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UBC Theses and Dissertations

Casework service in a neighbourhood house : the administrative aspects of its establishment and operation - a study made in Gordon House, Vancouver Hutchinson, Fred Arthur

Abstract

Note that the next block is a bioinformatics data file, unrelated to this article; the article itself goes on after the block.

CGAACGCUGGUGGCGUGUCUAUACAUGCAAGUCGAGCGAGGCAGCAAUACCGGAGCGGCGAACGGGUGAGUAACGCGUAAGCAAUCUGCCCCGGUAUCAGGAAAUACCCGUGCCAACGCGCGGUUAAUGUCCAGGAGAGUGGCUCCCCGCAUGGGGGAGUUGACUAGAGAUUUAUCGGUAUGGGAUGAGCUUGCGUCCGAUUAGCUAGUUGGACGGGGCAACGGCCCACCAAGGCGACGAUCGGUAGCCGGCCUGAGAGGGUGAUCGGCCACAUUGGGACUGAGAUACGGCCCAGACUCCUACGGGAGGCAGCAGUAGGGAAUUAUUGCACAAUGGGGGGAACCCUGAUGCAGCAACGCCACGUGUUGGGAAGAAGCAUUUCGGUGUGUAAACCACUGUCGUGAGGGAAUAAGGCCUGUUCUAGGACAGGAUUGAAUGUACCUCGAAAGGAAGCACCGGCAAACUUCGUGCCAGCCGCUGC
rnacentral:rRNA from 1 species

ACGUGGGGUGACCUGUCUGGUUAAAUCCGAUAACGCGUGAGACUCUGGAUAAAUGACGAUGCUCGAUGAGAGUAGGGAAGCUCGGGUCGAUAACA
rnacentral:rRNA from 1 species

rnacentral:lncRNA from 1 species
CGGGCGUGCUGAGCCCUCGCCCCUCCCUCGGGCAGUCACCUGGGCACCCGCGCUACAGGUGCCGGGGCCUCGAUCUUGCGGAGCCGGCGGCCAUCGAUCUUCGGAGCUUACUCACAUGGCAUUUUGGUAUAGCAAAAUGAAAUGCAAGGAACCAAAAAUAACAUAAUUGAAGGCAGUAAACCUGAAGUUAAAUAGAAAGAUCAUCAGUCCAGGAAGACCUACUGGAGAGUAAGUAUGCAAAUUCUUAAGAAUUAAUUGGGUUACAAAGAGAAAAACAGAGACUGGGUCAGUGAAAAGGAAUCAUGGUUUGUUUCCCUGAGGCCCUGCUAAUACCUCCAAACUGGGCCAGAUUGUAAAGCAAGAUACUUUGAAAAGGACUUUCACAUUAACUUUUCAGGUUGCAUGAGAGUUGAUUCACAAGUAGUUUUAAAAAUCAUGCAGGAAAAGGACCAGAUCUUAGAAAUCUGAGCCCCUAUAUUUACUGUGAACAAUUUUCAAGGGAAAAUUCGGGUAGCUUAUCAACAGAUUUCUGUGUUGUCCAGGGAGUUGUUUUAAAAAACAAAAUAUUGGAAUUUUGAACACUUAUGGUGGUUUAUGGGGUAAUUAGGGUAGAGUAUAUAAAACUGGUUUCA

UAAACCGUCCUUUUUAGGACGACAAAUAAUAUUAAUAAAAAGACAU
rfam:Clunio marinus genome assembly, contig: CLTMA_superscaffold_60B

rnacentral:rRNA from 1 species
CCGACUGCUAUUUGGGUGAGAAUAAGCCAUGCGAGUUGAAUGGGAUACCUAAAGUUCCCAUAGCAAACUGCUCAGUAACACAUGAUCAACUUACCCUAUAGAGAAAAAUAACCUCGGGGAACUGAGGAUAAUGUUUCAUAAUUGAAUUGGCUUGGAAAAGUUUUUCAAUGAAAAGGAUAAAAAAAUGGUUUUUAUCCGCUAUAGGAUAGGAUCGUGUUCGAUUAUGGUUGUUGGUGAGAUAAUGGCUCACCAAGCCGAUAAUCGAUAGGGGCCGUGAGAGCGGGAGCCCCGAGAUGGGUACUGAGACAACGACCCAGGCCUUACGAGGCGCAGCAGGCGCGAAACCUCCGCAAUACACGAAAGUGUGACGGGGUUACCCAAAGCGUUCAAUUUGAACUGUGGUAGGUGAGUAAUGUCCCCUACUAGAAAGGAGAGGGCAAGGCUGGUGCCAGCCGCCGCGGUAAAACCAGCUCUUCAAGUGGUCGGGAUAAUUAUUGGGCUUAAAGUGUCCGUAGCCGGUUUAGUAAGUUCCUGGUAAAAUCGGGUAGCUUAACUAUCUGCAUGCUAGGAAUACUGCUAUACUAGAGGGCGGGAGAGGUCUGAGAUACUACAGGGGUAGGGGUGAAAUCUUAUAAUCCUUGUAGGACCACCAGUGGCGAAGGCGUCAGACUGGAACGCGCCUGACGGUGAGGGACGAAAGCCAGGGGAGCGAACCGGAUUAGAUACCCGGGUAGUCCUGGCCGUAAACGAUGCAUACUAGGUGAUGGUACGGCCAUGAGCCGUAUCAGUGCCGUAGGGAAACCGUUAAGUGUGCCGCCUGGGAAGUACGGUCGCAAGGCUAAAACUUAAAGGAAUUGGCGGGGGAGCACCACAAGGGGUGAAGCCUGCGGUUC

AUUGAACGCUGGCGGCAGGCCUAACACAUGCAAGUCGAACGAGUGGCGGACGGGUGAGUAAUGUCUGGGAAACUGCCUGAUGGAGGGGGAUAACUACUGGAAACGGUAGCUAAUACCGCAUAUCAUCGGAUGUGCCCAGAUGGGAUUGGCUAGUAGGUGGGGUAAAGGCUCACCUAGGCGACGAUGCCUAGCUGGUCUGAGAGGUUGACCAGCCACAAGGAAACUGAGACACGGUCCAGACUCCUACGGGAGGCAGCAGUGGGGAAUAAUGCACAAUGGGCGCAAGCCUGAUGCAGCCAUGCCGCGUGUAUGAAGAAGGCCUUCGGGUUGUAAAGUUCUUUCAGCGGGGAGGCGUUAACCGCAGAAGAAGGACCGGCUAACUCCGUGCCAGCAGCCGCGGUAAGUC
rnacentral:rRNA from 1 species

This thesis reviews the administrative process involved in initiating and developing a casework service in Gordon Neighbourhood House. The service operated over a period of eight months, and during that time accepted only members of the agency as clientele. Through intensive cooperative work with Gordon Neighbourhood House staff it was intended that caseworkers should employ their skills to improve the social adjustment of group members and thereby enhance the general health and welfare of membership groups. The administrative structure of Gordon House, and the problems involved in integrating this new service into the agency, are described. In evaluation, the achievements and possibilities of this service are weighed against the investments of administration and staff required in an effort to introduce and to maintain this service. The estimated effort involved in relation to the possibilities for achievement, is the criterion used to Judge the value of casework services in this setting. A rating is made of the degree of success achieved in forty-eight cases referred for service. Case summaries reveal the process involved in the operation of this service. The finding is, that, providing the agency takes appropriate administrative steps, casework services are a practicable method of coping with individual problems that cannot be handled satisfactorily within groups. It is important that the workers and the administration be sufficiently flexible to meet each other's requirements. Specifically, the administration must define the purpose and function of this service in such a way that responsibilities of the casework staff be made clear. The casework staff in turn must be prepared to apply their skills in the less formal setting of the neighbourhood house.

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